Start The New Year With Savings In Mind
The new year is approaching! Make a resolution to pay yourself first and help set yourself up for a comfortable financial future. Here are some best practices to get your savings up to par:
Start an Emergency Fund
An emergency fund is an essential part of any personal financial strategy. How is yours looking? If you only have a few hundred dollars set aside, you need to strengthen that safety net. A good emergency fund should cover your essential living costs for three to six months. If you’re not sure how much that is, it’s time to start keeping track of what you spend.
Remember, once your emergency fund is built up, resist the temptation to spend it on a non-emergency purchase. Even if you see a really good deal on a lifestyle upgrade — a new car, for example — keep your hands off the emergency money. When Murphy’s Law inevitably strikes, you’ll be glad you did.
Find Extra Cash in Your Closet, Basement and Attic
Here’s a trick to get that emergency fund started: spend a weekend or two going through all your possessions. Set aside things you don’t need anymore in two piles: items to sell and items to donate. The money you make from the sales can be put toward your emergency fund or savings. Don’t forget to keep receipts from your donations! They’ll come in handy when the 2018 tax season rolls around (or the 2017 season if you make the donations before year-end.)
Take Care of Your Debts
Make sure you’re current on all debt payments, and consider paying off some of the principal for any high-rate loans like student debt. You’ll need to weigh your options carefully. Paying off high interest credit card debt is often better than contributing to savings. On the other hand, paying off lower interest debt isn’t always the most beneficial move you can make for your financial position. In some cases, like a mortgage, you can deduct interest payments from your income tax — in which case you might be better off investing your money.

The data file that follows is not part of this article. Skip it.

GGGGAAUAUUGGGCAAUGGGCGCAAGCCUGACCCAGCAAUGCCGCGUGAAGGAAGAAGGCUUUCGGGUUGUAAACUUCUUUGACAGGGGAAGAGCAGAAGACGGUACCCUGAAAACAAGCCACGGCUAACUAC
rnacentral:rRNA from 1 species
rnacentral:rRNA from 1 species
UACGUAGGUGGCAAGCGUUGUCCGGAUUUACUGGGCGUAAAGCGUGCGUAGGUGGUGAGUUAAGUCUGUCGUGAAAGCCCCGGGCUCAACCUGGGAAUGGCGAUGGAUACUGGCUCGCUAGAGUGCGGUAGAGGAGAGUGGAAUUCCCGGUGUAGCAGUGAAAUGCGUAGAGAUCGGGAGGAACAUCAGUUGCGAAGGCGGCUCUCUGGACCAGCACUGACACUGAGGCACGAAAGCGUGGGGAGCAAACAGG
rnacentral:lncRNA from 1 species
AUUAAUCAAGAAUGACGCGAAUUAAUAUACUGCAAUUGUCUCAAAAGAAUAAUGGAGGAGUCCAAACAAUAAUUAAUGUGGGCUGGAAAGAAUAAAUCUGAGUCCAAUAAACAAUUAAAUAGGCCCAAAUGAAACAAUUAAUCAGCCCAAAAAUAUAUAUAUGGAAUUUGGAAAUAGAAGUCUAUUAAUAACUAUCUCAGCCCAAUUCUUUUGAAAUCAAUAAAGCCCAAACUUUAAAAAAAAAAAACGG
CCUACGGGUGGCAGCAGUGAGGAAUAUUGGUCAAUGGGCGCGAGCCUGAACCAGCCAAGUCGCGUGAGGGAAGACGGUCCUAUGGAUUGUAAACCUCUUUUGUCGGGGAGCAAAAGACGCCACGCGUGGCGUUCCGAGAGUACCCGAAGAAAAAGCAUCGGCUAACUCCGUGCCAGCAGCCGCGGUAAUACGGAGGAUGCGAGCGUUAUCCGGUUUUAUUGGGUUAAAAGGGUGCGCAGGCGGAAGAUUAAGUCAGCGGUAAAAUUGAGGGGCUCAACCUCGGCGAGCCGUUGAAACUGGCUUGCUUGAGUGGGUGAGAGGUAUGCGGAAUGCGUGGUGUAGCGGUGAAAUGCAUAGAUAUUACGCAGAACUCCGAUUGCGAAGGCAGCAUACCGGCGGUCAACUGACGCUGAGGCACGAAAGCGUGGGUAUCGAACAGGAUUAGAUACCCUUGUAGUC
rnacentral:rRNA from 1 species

Put Your Money to Work
If you’ve got your emergency fund built up and your debt is properly managed, you can start really putting your money to work with investments. Check if your employer has a retirement savings matching program. If so, you should contribute enough for the highest possible match. It might not seem exciting, because you don’t “get” the money now, but an employer match is basically free money. This is one of the best financial moves you can make.
Investing is a complex subject, so make sure you get some reliable advice. Your employer may offer an advisor, but otherwise, look for an expert who upholds a “fiduciary” standard. This means that the advice they give you is absolutely in your best interest, rather than advice than can help them earn higher commission.
If you can, set up an auto deposit so that a fraction of every paycheck automatically ends up in your savings. Even the most diligent savers are susceptible to accidentally missing a savings deposit once in awhile, so opting into auto deposit is a great guarantee that you’ll reach your goals. Saving money isn’t always as attractive as other options for your disposable income. Here’s how you can make it a little sweeter: every time you put money away, picture your future, retired self on a beach reaching back through time to give you a high-five!